By: Trustee Rowena Akana
Source: Letters to the Editor, The Honolulu Advertiser, Posted on: Friday, May 6, 2005
As anyone who has consistently read my monthly OHA newsletter columns knows, I never shy away from telling beneficiaries the truth about what is going on at the Office of Hawaiian Affairs. However, that may soon come to an end.
On March 15, the Assets & Resource Management Committee held a workshop to review proposed changes to OHA’s board of trustees policy manual. Most of the proposed changes were not earth-shattering, except for the following proposed language that was added to the Ka Wai Ola editorial policy: “No libelous or defamatory material will be published. Questions on libel and/or defamation will be resolved in consultation with the editor of the Ka Wai Ola, the public information officer, and OHA’s in-house counsel.”
If this policy passes, our newsletter might not just get one but two new censors — not to mention a slap-in-the-face to free speech.
OHA currently has a policy in place that ensures all articles are written responsibly and meet the standards of good taste. Trustees have never needed a censor since we are all personally liable for our comments. Each of us can be sued individually for any slanderous or libelous remarks. Any of us could be taken to court if we were to write something that wasn’t true.
To my knowledge, no trustee has ever been sued for public comments in our newsletter.
Giving two members of OHA’s administrative staff the power to censor trustees will, for all intents and purposes, give that power to the chair. First of all, the chair of the board has enormous power and influence over all staff, not to mention their boss, the administrator. The chair could easily make their work life miserable if they dared defiance. I know of several staff members who have already left because they fell into disfavor.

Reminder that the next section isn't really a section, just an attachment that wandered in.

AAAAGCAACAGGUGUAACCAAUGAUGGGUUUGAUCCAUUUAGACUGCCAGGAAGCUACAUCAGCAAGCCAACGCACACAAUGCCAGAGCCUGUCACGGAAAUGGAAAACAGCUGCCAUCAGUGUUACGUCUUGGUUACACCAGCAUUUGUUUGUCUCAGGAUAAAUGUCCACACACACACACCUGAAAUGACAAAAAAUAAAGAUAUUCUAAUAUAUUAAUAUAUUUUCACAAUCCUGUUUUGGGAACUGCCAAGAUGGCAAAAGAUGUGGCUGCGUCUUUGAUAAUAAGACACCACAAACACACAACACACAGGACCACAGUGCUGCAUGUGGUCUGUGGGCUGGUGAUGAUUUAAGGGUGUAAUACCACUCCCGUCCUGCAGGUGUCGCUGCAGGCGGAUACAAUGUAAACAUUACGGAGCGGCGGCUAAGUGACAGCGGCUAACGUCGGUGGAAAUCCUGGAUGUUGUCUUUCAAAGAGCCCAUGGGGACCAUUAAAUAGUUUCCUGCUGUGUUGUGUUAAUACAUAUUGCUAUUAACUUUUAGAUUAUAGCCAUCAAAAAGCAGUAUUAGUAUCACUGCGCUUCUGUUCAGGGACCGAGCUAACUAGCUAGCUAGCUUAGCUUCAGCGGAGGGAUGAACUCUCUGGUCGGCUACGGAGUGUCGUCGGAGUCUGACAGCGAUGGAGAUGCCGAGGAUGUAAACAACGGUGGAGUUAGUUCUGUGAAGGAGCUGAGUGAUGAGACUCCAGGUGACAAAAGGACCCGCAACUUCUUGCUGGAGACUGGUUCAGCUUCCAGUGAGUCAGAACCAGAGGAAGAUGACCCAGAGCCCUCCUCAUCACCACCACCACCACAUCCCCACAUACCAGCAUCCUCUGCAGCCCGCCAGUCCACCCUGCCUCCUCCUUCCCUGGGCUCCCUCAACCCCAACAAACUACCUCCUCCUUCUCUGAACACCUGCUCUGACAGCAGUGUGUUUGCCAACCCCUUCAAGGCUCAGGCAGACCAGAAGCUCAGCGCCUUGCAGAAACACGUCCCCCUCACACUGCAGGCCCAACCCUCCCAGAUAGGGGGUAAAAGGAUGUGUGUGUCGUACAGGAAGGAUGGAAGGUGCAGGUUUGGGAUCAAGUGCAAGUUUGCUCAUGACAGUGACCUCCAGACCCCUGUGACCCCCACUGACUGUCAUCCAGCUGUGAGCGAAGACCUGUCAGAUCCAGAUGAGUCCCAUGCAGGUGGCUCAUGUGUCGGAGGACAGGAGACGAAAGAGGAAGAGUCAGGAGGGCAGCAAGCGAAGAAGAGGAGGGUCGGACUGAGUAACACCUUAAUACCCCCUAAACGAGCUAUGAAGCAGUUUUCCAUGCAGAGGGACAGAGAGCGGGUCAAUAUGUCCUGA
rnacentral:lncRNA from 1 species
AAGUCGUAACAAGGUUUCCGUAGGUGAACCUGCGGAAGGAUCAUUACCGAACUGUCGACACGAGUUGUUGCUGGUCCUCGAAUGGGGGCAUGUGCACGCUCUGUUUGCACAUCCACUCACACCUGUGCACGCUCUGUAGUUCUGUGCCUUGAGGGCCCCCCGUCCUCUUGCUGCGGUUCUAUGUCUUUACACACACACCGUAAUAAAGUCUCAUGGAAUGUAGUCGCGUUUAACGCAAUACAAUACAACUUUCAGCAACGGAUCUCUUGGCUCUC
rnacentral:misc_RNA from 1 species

It is simple for any chair to control the flow of information to trustees once he or she has had enough time to place his or her “people” into important OHA staff positions. If and when a dissenting trustee receives any information requested, it is only months later and with the crucial information missing. This amounts to an ongoing “silent censorship” within OHA. Therefore, there is really no need for an additional policy to make sure that only glowing accomplishments appear in our newsletter.
The trustees’ monthly columns are one of the few remaining opportunities we have to communicate honestly with our beneficiaries. If this policy passes, dissent will be silenced, and all you will ever hear is how wonderful things are going. OHA’s newsletter will simply be reduced to a propaganda rag.
Freedom of communication is crucial for a healthy democracy. Instead of putting up barriers, we should be tearing them down. It is impossible for all people at all times to agree on the value of all ideas. However, how can we grow as an organization if there is no room for dissent?
Restricting what our beneficiaries can or cannot read is simply unacceptable. It amounts to a dictatorship and will only lead to political and intellectual repression. It will force our people to consider only a narrow view.
Censorship is an assault on the rights of all of us. We must fight with all our strength for the freedom to read, to see, to know and to think for ourselves.